Remember that time Uber co-founder and CEO Travis Kalanick said that pre-scheduling rides is as silly as scheduling his showers?
Well, turns out his opposition to ride scheduling was… flexible. On Thursday, the ride-hailing giant announced just that: The ability to schedule a ride up to 30 days in advance.
“Scheduled rides has been a top requested feature since the very early days of Uber,” director of global experiences Tom Fallows told Fortune in an interview. “Even though we’re an on-demand service, we get it.”
At first, the feature will only be available to business customers in Seattle, though the company will soon make it available to business travelers in other large cities, and eventually to all riders. Uber defines business travelers as either employees of companies that have signed up for an Uber for Business account, used by companies to better manage employee travel, or Uber users who have set up a “business profile” within their own account. Business profiles let users collect receipts for all their work-related rides into one bucket, and pay for them with separate credit cards.
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For now, users can only schedule UberX rides, the company’s cheaper service that involves drivers ferrying passengers in their own cars. To schedule a ride, users tap the “schedule a ride” button, then select the day, time, pickup location, and destination before tapping the “schedule” button. Users will get alerts 24 hours before the scheduled time, then 30 minutes before, and when their car is en route. They can cancel at any time without penalty up to five minutes before the car arrives, similar to Uber’s current cancellation policy. They can also adjust the time and location at any point before the car is on its way.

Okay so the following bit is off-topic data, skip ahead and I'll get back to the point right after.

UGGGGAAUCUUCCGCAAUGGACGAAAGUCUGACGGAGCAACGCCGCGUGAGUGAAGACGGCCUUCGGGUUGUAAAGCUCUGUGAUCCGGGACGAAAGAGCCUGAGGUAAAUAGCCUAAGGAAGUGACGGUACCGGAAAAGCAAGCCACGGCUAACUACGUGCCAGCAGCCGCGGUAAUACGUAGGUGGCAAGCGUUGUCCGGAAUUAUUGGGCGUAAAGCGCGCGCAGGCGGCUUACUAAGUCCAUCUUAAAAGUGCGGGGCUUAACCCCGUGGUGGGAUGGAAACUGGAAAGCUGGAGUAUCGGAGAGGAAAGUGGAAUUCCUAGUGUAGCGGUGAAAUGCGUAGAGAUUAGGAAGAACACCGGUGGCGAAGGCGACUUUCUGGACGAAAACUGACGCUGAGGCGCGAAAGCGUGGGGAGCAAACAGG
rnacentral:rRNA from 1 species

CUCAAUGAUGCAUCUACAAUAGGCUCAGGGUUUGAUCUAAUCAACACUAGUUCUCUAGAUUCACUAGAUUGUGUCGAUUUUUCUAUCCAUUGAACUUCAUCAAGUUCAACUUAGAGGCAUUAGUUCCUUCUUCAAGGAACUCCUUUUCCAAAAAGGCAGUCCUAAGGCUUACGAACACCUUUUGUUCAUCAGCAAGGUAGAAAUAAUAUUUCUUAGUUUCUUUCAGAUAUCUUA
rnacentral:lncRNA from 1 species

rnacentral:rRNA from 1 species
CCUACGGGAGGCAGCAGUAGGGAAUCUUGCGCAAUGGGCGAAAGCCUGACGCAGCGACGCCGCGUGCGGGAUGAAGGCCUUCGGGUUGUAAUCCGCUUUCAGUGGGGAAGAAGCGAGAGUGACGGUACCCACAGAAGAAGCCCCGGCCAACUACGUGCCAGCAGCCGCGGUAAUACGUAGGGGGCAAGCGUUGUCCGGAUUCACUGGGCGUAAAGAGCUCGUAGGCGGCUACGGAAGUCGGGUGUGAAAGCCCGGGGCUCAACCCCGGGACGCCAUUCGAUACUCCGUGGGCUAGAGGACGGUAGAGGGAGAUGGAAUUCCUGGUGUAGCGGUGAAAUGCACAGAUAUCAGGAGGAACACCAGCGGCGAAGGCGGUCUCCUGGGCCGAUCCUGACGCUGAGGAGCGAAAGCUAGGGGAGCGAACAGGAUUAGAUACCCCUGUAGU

Uber has been working on the service for “a very long time,” according to Fallows, although he declined to say how long exactly. He did say, however, that Uber employees have been testing the feature, and not only in Seattle (Fortune confirmed with one San Francisco employee that he’s tried it too).
Though the rides are pre-scheduled, Uber doesn’t match a rider with a driver ahead of time. Instead, it has built technology and data models to predict, just a little bit before the ride’s scheduled time, which driver will likely be near the rider’s location, how long it will take them to get there, and when exactly it should dispatch them for that ride. Fallows declined to say whether the feature has ever failed to work properly, although he added that the company is introducing it because “we think it’s reliable.”
Just two weeks ago, rival Lyft announced it would soon start testing a similar feature in San Francisco with its own employees, making it unclear who’s been working on this first. Uber and Lyft have been taking turns playing catch-up to the other when it comes to features and services. Of course, taxis have let their passengers schedule rides in advance to the airport and elsewhere for decades—with a lot less fanfare.